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작성자삐돌이 조회 22회 작성일 2021-01-18 07:17:24 댓글 0


How to Write the Name for Fe2O3

In this video we'll write the correct name for Fe2O3. To write the name for Fe2O3 we’ll use the Periodic Table and follow some simple rules.

Because Fe2O3 has a transition metal we need to indicate the ionic charge using Roman numerals in parenthesis for the transition metal.

---Keys for Naming Compounds with Transition Metals---

1) Write the name of transition metal as it appears on the Periodic Table.

2) Write the name and charge for the non-metal. If you have a polyatomic ion, use the Common Ion Table to find and write the formula and charge.

3) Use the total charge on the non-metal (or polyatomic ion) find the charge on the transition metal.

4) After the name for the metal, write its charge as a Roman Numeral in parentheses. Example: Iron (III) chloride

For a complete tutorial on naming and formula writing for compounds, like Iron (III) oxide and more, visit:


Writing the name for Fe2O3 is a bit more challenging since Fe is a transition metal. This means you need to use parenthesis and Roman Numerals to show the charge on the Fe atoms.

In this case each Fe atom has a charge of +3 so we write Fe2O3 as Iron (III) Oxide.

Balance: Fe + O2 = Fe2O3

In order to balance Fe + O2 = Fe2O3 you'll need to watch out for two things.

First, be sure to count all of Fe and O atoms on each side of the chemical equation. Once you know how many of each type of atom you have you can only change the coefficients (the numbers in front of atoms or compounds) in order to balance the equation.

Second, when you balance the equation it is easier to change the coefficient in front of Fe2O3 first in order to get an even number of Oxygen atoms. As a general rule, this makes balancing equations much easier.

Drawing/writing done in Adobe Illustrator 6.0. Screen capture done with Camtasia Studio 4.0. Done on a Microsoft Surface Pro 3.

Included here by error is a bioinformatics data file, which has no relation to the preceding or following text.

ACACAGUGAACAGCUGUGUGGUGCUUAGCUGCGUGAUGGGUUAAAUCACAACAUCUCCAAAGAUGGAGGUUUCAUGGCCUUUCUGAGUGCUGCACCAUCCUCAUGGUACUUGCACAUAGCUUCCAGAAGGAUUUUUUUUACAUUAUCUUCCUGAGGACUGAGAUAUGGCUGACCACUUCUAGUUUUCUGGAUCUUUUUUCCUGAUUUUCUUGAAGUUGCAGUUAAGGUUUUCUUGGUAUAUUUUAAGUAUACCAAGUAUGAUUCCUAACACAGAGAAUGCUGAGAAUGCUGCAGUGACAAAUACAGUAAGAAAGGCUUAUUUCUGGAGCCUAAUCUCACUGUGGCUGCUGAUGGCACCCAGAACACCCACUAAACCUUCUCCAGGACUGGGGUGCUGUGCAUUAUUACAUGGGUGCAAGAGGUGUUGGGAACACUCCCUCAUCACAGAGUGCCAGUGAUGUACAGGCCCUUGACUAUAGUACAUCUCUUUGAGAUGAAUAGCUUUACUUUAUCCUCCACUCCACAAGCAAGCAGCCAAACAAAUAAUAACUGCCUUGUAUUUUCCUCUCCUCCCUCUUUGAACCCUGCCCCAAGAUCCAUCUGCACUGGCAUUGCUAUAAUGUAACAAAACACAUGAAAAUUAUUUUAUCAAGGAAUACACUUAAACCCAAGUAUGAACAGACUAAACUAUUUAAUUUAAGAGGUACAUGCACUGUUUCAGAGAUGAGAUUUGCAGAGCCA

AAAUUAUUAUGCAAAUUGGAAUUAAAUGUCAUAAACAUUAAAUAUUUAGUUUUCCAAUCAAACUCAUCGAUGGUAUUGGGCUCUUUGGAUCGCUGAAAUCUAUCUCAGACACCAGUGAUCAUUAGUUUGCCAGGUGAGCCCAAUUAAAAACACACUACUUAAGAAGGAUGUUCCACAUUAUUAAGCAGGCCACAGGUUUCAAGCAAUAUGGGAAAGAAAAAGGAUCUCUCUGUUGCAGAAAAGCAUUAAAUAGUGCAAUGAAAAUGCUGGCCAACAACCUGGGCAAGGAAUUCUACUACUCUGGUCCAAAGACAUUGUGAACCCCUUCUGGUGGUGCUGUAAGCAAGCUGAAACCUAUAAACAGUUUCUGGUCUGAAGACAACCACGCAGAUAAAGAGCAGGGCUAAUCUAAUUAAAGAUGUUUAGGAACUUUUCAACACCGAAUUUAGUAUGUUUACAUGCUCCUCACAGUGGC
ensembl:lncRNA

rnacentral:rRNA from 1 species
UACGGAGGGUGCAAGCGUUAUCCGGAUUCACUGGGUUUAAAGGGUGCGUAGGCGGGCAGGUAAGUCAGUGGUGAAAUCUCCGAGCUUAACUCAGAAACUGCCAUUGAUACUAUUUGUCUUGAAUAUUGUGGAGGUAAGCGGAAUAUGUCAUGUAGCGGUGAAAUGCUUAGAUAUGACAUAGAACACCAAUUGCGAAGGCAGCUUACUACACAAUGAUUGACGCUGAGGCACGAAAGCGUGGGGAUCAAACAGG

Is Fe2O3, Iron (III) oxide. Ionic or Covalent?

To tell if Fe2O3 (Iron (III) oxide) is ionic or covalent (also called molecular) we look at the Periodic Table that and see that Fe is a metal and O is a non-metal. When we have a metal and a non-metal the compound is usually considered ionic.

Because we have a metal and non-metal in Fe2O3 there will be a difference in electronegativity between the metal and non-metal. This difference results in an electron(s) being transferred from the metal (lower electronegativity) to the non-metal (higher electronegativity). The results in the metal becoming a positive ion and the non-metal a negative ion. The two opposite charges are attracted and form the ionic bond between atoms in Iron (III) oxide.
Helpful Resources

Metals, Non-Metals on the P- Table:

Ionic, Covalent, \u0026 Polar Covalent:

Electronegativity for each element: https://en.wikipedia.org/wiki/Electronegativity
Because we have a combination of a metal and non-metal Fe2O3 (Iron (III) oxide) is considered an ionic compound.

In general, ionic compounds:

- form crystals.
- have high melting points and boiling points.
- are hard and brittle.
- conduct electricity when dissolved in water.
- as solids do not conduct electricity.

For more chemistry help, see http://www.Breslyn.org.




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